Zahra Kassam started Monti Kids to bring Montessori Education into homes with young children from 0-3 years of age. As a new mom and former early childhood education teacher, she quickly found that there weren't a lot of quality educational toys for her to present to her own kids. With a Masters of Education from Harvard and a three-year stint as a Montessori teacher, she had a pretty good idea of what she wanted in educational toys.
Monti Kids is based on the Montessori curriculum. Montessori schools encourage learning through play, creativity and independence. Montessori uses developmentally appropriate cognitive, physical, linguistic, social and emotional materials. Kassam incorporates those principles in the Monti Kids toys she ships.
Kassam created Monti Kids as a teaching tool and it's the only at-home Montessori program designed and safety tested for birth to age 3. Kids' brains are 85% formed by age three, so it's a tremendously important developmental phase in a child's life. The Monti Kids toys aid in that development.
With each three-month subscription (there are 8 levels in total), parents get a box of toys, instruction videos and access to a support system of “certified Montessori experts.” It's very much like home schooling your toddler. Kassam wants to take it to a global level and wants a Shark to help her do it.
My Take on Monti Kids
As an educator with a Masters in Education and a parent of five with one child who attended a Montessori school, I totally get what Kassam is doing. While I buy into the Montessori curriculum, I feel the most important thing a parent can do is READ to their young child. Creative play IS important, but I personally believe there is too much emphasis on WHAT a child is playing with and not enough emphasis on HOW they are playing.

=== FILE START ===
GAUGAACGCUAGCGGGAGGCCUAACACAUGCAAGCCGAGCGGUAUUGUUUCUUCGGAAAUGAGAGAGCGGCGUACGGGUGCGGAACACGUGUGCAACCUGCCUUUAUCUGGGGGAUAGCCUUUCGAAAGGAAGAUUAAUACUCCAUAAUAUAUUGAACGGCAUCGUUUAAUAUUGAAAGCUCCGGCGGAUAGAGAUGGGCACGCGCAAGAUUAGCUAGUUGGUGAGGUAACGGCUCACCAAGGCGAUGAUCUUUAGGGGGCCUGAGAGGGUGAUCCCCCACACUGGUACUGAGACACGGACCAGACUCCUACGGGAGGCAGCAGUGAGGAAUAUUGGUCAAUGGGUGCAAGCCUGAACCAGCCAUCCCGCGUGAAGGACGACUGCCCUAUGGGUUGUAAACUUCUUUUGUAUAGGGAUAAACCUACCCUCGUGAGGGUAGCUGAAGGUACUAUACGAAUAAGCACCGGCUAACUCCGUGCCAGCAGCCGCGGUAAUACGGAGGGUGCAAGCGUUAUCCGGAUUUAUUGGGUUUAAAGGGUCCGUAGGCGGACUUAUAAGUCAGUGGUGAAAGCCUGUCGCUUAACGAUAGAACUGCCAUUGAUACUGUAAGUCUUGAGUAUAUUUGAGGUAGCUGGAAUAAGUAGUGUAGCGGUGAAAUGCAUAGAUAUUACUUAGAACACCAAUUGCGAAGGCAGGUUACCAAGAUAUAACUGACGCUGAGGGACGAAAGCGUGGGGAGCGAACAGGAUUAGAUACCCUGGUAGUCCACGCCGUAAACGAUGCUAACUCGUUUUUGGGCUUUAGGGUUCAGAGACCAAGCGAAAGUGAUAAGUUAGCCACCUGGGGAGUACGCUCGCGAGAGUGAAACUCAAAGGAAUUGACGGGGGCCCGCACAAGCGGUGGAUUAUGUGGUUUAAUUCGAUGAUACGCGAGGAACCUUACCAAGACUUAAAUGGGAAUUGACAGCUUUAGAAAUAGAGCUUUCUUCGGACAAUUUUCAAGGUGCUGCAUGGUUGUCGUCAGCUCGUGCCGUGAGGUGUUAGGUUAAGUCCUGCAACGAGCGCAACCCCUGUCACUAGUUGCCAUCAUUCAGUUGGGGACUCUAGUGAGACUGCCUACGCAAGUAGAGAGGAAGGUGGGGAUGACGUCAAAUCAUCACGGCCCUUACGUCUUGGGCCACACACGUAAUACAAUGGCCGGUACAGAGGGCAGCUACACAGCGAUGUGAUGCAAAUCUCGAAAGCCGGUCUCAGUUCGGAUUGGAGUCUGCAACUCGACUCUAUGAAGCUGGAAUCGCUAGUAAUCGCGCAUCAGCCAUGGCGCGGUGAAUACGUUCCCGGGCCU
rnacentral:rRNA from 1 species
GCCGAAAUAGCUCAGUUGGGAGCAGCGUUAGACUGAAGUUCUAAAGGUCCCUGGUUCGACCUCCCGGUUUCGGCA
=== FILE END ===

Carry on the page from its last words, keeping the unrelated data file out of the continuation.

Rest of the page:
Each of the eight levels of Monti Kids costs $297. If you bought all 8 levels, that's almost $2400. For most new parents, that's a steep price tag. A library card and quality time is free. That said, I think Monti Kids will do well. While it is out of reach financially for many, it is within reach for quite a few. I wouldn't be a customer, but I believe they will have many.
Will Sharks Take this Business to School?
One thing that troubles me is why this business is in the Shark Tank at all. Ms. Kassam, in addition to running Monti Kids, is a partner in Zynick Capital, a Venture Capital firm that's funded over $3 billion in deals. That's Shark-like money. Why doesn't she turn to this business to fund Monti Kids?
Whether this comes out during the pitch or not, Kassam will face some tough questions about capitalization from the Sharks. Mark is usually quick to sniff out “gold-diggers,” or people who come on the show for publicity. This appears to be Kassam's play. The quality of the business aside, pitches like this tend to end up poorly for the business presenting. I predict no deal.